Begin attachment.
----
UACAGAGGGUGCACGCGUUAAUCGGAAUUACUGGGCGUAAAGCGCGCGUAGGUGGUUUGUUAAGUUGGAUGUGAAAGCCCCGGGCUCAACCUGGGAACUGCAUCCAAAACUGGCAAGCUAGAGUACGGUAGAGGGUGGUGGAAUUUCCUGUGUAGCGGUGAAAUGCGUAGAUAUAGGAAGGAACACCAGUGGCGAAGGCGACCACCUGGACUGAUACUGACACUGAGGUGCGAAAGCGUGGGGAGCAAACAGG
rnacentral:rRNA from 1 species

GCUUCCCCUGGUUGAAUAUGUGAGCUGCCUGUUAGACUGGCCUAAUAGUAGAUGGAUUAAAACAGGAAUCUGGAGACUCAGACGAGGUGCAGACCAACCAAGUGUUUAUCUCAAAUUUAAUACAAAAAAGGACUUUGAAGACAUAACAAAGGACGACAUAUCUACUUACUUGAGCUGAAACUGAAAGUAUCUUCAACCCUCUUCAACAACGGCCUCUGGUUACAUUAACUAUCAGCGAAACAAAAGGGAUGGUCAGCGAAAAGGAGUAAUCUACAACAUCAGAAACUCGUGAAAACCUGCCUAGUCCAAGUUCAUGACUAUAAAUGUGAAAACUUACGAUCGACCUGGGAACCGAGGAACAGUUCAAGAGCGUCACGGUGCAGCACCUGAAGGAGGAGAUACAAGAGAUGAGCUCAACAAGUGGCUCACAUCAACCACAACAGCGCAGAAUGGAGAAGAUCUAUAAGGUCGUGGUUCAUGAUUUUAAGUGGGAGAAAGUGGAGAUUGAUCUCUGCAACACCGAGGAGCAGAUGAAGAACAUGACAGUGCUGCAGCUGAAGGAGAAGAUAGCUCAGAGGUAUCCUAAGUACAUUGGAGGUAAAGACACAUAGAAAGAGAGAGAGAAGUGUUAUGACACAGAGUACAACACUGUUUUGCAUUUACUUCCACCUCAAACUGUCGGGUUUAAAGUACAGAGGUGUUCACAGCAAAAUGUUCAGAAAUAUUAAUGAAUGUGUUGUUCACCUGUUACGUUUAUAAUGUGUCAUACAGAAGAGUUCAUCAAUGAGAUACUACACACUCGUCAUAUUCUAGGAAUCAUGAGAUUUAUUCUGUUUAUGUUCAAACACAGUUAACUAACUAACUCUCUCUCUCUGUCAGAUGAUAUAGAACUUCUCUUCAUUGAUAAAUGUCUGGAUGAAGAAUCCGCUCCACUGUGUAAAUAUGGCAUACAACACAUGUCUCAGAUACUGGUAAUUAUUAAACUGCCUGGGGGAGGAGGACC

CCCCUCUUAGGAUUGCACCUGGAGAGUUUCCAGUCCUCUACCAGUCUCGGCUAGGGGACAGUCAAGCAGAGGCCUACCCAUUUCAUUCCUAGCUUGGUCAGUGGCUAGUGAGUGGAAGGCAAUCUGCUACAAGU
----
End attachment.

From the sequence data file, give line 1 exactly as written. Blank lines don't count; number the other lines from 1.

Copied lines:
UACAGAGGGUGCACGCGUUAAUCGGAAUUACUGGGCGUAAAGCGCGCGUAGGUGGUUUGUUAAGUUGGAUGUGAAAGCCCCGGGCUCAACCUGGGAACUGCAUCCAAAACUGGCAAGCUAGAGUACGGUAGAGGGUGGUGGAAUUUCCUGUGUAGCGGUGAAAUGCGUAGAUAUAGGAAGGAACACCAGUGGCGAAGGCGACCACCUGGACUGAUACUGACACUGAGGUGCGAAAGCGUGGGGAGCAAACAGG